**1 mean value**
The mean value represents the size of the DC component in the signal, expressed in E (x). For a Gaussian white noise signal, its mean value is 0, so it has only the AC component.

**2 square of the mean value**

The square of the mean, denoted by {E (x)}^2, represents the power of the DC component in the signal.

**3 mean square value**

The mean square value represents the mean value of the signal squared, denoted by E (x^2). The mean square value represents the average power of the signal. Average power of signal = signal AC component Power + signal DC component power

For example: x, Y, Z 3 to find the mean square value. Mean square value = (square of square +y of x squared +z)/3

RMS (root mean square), the square root of the mean squared value of **4**

**5 mean Variance**

Mean variance (mean square error), expressed in MSE. The mean variance is the average of the sum of the squares of the distance from the true value of each data, that is, the mean square sum of the error, the formula is close to the variance, its root is called the RMS error, and the RMS error is close to the standard deviation form. Mean variance is sometimes considered equal to variance

**6 root mean square error**

The RMS error is indicated by Rmse (root mean square error). It is the square root of the square and the number of observations n ratio of the observed value and the truth deviation, in the actual measurement, the number of observations n is always limited, the truth value can only be replaced by the most reliable (best) values. The root-square error is very sensitive to the large or small errors in a set of measurements, so the RMS error can reflect The RMS error is sometimes considered a standard deviation.

**6 Variance**

Variance is expressed in variance or deviation or var. Variance describes the fluctuation range of the signal, indicating the strength of the AC component in the signal, i.e. the average power of the AC signal.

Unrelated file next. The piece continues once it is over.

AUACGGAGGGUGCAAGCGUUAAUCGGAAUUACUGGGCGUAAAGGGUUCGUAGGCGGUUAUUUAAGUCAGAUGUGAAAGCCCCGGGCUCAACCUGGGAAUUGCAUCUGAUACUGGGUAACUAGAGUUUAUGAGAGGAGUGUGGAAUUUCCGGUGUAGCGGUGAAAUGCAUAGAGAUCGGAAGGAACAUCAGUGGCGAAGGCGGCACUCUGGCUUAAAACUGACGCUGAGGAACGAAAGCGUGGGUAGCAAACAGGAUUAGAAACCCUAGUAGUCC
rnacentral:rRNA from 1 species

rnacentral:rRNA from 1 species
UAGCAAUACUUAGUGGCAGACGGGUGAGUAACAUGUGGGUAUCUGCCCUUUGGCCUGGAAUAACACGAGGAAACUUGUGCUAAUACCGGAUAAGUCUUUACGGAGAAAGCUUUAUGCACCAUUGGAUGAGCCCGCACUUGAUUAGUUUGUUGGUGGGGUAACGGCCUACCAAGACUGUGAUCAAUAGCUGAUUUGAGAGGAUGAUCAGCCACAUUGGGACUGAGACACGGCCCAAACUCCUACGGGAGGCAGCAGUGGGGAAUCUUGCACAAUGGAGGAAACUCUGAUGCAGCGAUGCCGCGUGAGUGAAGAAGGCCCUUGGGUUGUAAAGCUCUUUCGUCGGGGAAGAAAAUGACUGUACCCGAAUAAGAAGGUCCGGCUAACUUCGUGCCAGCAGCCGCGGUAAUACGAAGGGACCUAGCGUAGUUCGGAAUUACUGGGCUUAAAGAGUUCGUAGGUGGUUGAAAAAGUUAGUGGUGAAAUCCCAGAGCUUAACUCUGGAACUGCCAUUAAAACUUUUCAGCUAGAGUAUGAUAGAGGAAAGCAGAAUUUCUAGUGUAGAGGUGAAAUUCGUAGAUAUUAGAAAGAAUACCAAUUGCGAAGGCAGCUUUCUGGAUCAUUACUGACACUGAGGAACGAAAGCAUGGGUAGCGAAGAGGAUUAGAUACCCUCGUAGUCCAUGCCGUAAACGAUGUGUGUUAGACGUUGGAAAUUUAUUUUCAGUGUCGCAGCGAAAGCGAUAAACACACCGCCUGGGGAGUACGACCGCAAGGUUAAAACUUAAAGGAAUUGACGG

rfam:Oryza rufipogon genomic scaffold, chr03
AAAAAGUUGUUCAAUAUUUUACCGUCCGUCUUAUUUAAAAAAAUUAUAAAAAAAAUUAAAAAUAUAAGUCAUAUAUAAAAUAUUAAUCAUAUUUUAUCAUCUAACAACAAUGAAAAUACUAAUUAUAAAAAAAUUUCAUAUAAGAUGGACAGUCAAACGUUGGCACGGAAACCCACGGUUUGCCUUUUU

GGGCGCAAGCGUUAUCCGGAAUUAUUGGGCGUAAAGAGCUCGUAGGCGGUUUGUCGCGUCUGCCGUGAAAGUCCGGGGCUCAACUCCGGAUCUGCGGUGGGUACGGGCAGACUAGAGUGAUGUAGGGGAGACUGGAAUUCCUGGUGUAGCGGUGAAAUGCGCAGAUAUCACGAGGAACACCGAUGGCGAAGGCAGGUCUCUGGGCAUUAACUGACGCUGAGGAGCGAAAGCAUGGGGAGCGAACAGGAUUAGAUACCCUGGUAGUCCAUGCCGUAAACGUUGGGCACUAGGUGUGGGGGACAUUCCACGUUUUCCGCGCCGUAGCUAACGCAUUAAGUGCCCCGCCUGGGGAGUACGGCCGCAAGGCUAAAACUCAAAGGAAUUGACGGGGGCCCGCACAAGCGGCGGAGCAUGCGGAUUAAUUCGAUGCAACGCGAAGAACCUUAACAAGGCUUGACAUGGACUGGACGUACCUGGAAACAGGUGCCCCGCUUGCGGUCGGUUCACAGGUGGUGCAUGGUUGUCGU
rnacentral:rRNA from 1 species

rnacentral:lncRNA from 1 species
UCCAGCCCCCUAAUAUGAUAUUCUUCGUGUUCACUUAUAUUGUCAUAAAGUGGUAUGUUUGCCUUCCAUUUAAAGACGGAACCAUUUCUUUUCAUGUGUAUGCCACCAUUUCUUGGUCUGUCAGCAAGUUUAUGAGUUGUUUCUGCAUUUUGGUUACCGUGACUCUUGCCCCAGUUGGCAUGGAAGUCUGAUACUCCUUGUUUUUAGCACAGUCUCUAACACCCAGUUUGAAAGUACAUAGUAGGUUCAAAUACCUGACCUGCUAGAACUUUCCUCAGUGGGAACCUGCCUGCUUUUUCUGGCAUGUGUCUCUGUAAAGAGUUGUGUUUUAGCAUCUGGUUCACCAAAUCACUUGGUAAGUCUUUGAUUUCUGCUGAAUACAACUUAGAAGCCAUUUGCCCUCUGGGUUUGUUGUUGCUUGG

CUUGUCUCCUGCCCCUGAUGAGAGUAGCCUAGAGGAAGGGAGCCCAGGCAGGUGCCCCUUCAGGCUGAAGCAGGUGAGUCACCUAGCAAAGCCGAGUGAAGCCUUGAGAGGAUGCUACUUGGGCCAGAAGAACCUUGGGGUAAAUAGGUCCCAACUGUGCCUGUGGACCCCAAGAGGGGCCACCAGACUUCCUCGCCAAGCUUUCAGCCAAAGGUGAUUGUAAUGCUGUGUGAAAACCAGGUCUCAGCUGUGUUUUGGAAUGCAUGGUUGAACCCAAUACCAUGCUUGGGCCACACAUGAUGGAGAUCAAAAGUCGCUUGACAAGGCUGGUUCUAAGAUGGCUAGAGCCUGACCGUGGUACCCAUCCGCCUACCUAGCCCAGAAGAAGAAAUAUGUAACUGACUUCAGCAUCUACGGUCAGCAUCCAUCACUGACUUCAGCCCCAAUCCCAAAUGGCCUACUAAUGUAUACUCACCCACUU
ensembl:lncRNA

or expressed in a formula as

Note that the above is divided by the n-1, only so the variance estimated by the sample value is unbiased, that is, the expectation of the above is the variance of x. But some places are also useful to divide by N to represent variance, except that the result is not unbiased estimation of variance, the mathematical expectation of the result is not the variance of x, but the X-variance.

**7 Standard deviation**

Standard deviation (Deviation) is expressed in σ, and sometimes the standard deviation can be called the RMS error RMSE. The standard deviation is the average distance from the average deviation of the data, which is the square root of the squared and average deviation, and the standard deviation can reflect the degree of dispersion of a data set by σ.

The standard deviation σ, which reflects the degree to which the measured data deviates from the true value, the smaller the σ, indicates the higher the accuracy of the measurement, so σ can be used as a criterion for measuring the accuracy of this measurement process.

**with the variance why use standard deviation. What is the advantage of the standard deviation analogy difference?**

Because the variance is inconsistent with the dimension of the data we are dealing with, although it can well describe the degree of deviation of the data from the mean, the processing result is not in accordance with our intuitive thinking.

For example: There are 60 students in a class, the average score is 70 points, the standard deviation is 9, the variance is 81, the results obey the normal distribution, then we can not intuitively determine the variance of the class students and the mean deviation of how many points, through the standard deviation we are very intuitive to get student results distributed in [61,79] The probability of a range is 0.6826, which is approximately equal to the 34.2%*2 in the image below.

**Summary:**

(1) In general, the mean variance, RMS error and variance, the standard deviation can not be equated, although their formulas are similar. We need to differentiate them from the relationship between real and mean values.

(2) for variance and standard deviation, they reflect the relationship between the data sequence and the mean value.

(3) for mean and root mean square errors, they reflect the relationship between the data sequence and the real value.